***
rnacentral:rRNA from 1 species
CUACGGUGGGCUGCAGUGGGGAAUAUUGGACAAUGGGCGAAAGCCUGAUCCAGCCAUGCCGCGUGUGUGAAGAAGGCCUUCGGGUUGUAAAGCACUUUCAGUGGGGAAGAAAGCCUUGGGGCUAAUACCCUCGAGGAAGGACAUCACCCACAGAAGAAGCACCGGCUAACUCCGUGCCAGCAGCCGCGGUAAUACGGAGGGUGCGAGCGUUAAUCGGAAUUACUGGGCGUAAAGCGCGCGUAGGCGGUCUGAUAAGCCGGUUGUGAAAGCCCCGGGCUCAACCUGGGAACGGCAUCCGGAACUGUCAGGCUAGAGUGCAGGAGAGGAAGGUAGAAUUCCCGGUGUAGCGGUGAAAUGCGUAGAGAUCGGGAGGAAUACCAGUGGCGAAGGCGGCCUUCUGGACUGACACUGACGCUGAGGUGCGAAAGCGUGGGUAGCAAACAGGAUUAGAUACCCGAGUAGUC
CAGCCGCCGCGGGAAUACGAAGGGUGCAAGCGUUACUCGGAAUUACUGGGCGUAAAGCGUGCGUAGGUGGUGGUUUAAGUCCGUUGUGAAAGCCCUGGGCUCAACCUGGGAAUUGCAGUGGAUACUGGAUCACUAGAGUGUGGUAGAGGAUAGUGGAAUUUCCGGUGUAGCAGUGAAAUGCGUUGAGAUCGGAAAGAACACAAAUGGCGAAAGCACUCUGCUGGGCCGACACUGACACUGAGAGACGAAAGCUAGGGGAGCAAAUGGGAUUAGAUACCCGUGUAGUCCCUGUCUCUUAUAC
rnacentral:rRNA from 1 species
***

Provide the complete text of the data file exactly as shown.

rnacentral:rRNA from 1 species
CUACGGUGGGCUGCAGUGGGGAAUAUUGGACAAUGGGCGAAAGCCUGAUCCAGCCAUGCCGCGUGUGUGAAGAAGGCCUUCGGGUUGUAAAGCACUUUCAGUGGGGAAGAAAGCCUUGGGGCUAAUACCCUCGAGGAAGGACAUCACCCACAGAAGAAGCACCGGCUAACUCCGUGCCAGCAGCCGCGGUAAUACGGAGGGUGCGAGCGUUAAUCGGAAUUACUGGGCGUAAAGCGCGCGUAGGCGGUCUGAUAAGCCGGUUGUGAAAGCCCCGGGCUCAACCUGGGAACGGCAUCCGGAACUGUCAGGCUAGAGUGCAGGAGAGGAAGGUAGAAUUCCCGGUGUAGCGGUGAAAUGCGUAGAGAUCGGGAGGAAUACCAGUGGCGAAGGCGGCCUUCUGGACUGACACUGACGCUGAGGUGCGAAAGCGUGGGUAGCAAACAGGAUUAGAUACCCGAGUAGUC
CAGCCGCCGCGGGAAUACGAAGGGUGCAAGCGUUACUCGGAAUUACUGGGCGUAAAGCGUGCGUAGGUGGUGGUUUAAGUCCGUUGUGAAAGCCCUGGGCUCAACCUGGGAAUUGCAGUGGAUACUGGAUCACUAGAGUGUGGUAGAGGAUAGUGGAAUUUCCGGUGUAGCAGUGAAAUGCGUUGAGAUCGGAAAGAACACAAAUGGCGAAAGCACUCUGCUGGGCCGACACUGACACUGAGAGACGAAAGCUAGGGGAGCAAAUGGGAUUAGAUACCCGUGUAGUCCCUGUCUCUUAUAC
rnacentral:rRNA from 1 species